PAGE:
August 3, 2008

State’s Outdoors Offers Travel By Paddle

By Bob Frye, The Pittsburgh Tribune-Review

Aug. 3--You needn't be a bushwhacking pioneer to drive from Pittsburgh to Washington. A well-established network of roads and highways will get you there.

Likewise, if you want to hike from Laurel Summit State Park to the overlook at Wolf Rocks, there's a blazed trail to follow.

But what if you want to float from, say, Apollo to Blairsville?

It turns out there's a trail for that, too.

The Kiski-Conemaugh River Water Trail -- which stretches 50 miles, from Freeport to Johnstown -- is just one of 20 official water trails in the state.

Some are massive; the West Branch Susquehanna River Water Trail covers 240 miles. Others are much smaller. The Yellow Breeches Creek Water Trail covers only 13 miles in three sections.

All were designed primarily by people with an interest in paddling for paddling's sake.

If there's one other thing all of the water trails have in common, though, it's that they represent tremendous opportunities for fishermen, too. That's especially true if you like to float fish.

The water covered by the Middle Allegheny River Water Trail -- which flows 85 miles from Kinzua Dam to Emlenton -- is home to trout, smallmouth bass, walleyes, muskies, catfish and more, for example.

"It's just phenomenal for all of those species," said Tom Tarkowski, assistant regional supervisor in the Pennsylvania Fish and Boat Commission's northwest region office. "And some of the best spots are ones you can't access from shore, so it helps to have a canoe or small boat."

The Pine Creek Water Trail, which winds through the area known as Pennsylvania's Grand Canyon, likewise offers opportunities to catch everything from walleyes and catfish to smallmouth bass and even native brook trout, all in a wilderness setting.

"Especially if you float it on a weekday, you can have the place all to yourself," said Jim Hyland, assistant district forester at Tiadaghton State Forest. "It's really nice."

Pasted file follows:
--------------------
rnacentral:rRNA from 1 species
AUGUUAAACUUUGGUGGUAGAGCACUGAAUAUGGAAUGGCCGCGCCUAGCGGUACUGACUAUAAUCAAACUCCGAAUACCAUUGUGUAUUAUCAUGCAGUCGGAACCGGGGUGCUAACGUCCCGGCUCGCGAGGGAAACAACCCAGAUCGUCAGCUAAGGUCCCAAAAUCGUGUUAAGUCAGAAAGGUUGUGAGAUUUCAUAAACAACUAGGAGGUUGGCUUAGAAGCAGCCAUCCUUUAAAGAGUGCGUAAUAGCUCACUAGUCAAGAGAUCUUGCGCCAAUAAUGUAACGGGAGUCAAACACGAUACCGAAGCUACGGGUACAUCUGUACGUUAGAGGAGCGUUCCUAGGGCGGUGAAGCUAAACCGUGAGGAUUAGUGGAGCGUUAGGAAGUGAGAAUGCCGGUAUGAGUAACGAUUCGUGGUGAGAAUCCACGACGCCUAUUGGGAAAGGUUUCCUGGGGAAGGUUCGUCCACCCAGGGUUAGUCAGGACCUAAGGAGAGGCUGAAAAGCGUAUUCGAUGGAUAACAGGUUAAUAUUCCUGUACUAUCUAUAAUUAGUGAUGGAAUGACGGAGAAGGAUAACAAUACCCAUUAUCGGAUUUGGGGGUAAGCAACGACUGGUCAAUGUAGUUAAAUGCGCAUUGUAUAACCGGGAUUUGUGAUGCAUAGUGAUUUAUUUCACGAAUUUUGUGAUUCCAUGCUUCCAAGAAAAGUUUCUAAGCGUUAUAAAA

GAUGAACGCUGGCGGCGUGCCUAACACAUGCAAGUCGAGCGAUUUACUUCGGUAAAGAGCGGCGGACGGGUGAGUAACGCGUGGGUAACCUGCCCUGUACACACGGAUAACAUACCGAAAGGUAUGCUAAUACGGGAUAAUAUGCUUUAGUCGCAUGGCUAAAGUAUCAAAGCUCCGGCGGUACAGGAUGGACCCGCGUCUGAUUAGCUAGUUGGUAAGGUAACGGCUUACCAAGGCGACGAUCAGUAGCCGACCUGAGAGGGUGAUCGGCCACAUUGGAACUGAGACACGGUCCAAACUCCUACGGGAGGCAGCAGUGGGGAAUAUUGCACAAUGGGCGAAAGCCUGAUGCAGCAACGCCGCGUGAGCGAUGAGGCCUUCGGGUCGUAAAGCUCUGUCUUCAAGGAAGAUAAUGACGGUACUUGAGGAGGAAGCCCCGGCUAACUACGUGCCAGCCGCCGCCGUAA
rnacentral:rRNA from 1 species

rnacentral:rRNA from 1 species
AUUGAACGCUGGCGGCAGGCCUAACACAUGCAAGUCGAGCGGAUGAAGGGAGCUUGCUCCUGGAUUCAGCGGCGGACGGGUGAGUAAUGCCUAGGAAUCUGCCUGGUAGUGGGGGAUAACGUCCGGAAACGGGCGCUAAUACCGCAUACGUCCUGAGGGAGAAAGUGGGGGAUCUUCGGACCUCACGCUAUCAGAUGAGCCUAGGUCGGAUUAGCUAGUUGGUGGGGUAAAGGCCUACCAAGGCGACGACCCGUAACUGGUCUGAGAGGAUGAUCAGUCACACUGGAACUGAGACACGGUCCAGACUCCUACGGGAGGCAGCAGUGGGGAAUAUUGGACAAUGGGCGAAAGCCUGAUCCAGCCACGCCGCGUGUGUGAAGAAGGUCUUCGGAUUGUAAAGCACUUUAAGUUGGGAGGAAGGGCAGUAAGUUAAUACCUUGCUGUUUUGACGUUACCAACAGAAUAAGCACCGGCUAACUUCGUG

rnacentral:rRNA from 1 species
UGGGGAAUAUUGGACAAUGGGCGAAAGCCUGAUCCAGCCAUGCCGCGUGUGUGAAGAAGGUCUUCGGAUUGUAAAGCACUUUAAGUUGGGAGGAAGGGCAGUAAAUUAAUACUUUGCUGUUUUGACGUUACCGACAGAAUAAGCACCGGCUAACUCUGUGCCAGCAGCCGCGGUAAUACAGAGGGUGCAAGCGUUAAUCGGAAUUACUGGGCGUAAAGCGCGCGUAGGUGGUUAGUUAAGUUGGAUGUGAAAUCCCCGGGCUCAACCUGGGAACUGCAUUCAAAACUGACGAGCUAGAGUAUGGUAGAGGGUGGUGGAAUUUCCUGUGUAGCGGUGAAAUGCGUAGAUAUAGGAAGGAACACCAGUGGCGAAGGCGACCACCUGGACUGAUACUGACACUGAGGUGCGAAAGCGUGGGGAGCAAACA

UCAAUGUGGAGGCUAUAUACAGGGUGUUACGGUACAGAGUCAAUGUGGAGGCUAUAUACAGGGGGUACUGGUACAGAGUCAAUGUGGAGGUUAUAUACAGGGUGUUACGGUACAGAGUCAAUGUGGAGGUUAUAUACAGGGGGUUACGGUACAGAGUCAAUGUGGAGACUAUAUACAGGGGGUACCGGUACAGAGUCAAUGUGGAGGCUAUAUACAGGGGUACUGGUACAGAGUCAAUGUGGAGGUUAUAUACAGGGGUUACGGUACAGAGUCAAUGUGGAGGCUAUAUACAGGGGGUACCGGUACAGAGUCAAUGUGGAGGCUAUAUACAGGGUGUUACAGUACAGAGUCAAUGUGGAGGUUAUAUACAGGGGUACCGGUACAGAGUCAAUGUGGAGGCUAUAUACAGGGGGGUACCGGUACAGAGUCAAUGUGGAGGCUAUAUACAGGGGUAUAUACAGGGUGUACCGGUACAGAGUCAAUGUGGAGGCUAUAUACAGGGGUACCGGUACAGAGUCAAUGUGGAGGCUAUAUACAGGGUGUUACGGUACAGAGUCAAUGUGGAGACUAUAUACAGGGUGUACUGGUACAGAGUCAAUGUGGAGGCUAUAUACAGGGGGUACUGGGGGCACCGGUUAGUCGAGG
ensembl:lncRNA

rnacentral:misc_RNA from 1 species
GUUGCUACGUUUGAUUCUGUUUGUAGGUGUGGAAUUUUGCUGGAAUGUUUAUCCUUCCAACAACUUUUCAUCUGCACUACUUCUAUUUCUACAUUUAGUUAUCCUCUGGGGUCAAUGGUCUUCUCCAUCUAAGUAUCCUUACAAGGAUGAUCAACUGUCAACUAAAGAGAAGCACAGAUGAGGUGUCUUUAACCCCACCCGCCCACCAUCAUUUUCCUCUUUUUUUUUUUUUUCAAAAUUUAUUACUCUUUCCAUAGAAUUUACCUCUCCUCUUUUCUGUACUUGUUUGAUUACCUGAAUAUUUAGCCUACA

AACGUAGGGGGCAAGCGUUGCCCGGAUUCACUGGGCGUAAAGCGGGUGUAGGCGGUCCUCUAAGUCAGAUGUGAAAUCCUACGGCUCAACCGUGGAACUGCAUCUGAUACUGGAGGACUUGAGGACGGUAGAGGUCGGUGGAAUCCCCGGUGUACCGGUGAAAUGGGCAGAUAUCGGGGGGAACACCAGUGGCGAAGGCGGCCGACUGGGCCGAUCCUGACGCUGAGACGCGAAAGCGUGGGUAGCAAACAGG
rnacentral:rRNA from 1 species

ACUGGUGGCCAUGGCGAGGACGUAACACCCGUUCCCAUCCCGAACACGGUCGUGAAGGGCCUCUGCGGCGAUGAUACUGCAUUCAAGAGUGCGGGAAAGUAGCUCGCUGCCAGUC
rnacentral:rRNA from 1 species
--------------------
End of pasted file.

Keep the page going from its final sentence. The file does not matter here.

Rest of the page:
Even the once-polluted and lifeless Kiski and Conemaugh rivers are offering better angling now. That's true just in spots on the Conemaugh, but the Kiski is getting good all along its length, said Rick Lorson, another commission biologist.

"The smallmouth bass fishery that was at least there in 1990 has progressed to one that I would fish over now, and I like to fish for smallmouths," Lorson said.

Some water trails are floatable year round. Others, like the Clarion River, can get low in the dead of summer. But even it can produce great fishing -- largely for smallmouth bass -- if you hit it right.

"I've had more than one person tell me they've caught some 20 inchers in there. That's sort of my own standard for a big smallmouth bass," said Tim Wilson, a Fish and Boat Commission biologist.

Fishermen are starting to find those things out, thanks to the state's water trails, said Denny Tubbs, aquatic resource planning specialist in the Fish and Boat Commission's southwest region office.

"I think they're being used more and more by fishermen, by anglers," he said.

If there's one thing that really makes the state's water trails stand out from other river sections, it's that almost all are outlined via printed "water trail guides." The guides combine river maps with historical and geological information, details on the locations of riffles, rapids, lowhead dams, and other river features, and possible campsites.

Most importantly, perhaps, the maps contain information on access points, said Denny Tubbs, aquatic resource planning specialist in the Fish and Boat Commission's southwest region office.

"They also show navigational markers and structures like bridges, too, so a lot of people use them to find walk-in spots to fish," Tubbs said.

You can find details on each of the state's 20 river trails, and the sponsoring organizations for each, at

Conspicuously missing is a river trail guide for the Yough River Water Trail. It's in production, though. A group of volunteers have been meeting to design such a map, and hope to have a two-part publication -- the Yough north and Yough south -- ready by next spring, Tubbs said.


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